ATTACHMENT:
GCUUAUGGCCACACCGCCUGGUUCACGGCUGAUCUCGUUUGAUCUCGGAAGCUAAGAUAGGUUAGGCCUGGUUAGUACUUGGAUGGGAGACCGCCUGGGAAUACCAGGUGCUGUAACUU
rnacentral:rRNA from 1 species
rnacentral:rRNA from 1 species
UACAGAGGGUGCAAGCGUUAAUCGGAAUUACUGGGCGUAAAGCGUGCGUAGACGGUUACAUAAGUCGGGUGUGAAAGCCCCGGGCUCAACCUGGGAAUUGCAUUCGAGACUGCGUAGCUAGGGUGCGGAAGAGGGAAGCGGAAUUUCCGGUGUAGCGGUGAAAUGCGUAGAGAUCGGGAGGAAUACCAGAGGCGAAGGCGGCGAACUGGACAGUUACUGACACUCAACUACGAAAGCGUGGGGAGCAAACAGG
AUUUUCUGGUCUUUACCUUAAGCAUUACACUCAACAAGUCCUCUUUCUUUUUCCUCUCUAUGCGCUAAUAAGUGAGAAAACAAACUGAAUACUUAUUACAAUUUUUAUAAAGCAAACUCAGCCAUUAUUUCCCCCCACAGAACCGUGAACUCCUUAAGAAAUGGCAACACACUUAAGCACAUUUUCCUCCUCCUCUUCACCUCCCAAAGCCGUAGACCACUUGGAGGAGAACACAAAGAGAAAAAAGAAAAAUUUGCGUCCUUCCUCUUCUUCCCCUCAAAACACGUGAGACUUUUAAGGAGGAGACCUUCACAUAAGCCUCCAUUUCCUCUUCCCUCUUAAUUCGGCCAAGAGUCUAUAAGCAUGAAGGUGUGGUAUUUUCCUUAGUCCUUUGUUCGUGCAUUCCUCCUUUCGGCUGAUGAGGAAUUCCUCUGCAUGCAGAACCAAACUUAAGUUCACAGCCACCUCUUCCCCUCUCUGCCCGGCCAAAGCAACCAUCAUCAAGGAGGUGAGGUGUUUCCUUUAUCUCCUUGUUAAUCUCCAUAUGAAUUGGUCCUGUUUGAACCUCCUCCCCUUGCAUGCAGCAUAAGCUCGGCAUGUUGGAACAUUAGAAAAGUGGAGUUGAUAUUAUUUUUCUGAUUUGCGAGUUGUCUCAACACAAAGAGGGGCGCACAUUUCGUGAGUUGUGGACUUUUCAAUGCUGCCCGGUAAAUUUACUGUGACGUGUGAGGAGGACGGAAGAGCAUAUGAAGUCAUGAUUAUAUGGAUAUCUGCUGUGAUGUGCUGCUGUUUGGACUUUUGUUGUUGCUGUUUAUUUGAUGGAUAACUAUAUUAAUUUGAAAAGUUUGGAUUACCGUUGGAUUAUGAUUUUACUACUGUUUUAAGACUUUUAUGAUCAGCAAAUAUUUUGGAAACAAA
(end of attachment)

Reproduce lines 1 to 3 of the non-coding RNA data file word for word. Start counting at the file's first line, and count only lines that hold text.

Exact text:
GCUUAUGGCCACACCGCCUGGUUCACGGCUGAUCUCGUUUGAUCUCGGAAGCUAAGAUAGGUUAGGCCUGGUUAGUACUUGGAUGGGAGACCGCCUGGGAAUACCAGGUGCUGUAACUU
rnacentral:rRNA from 1 species
rnacentral:rRNA from 1 species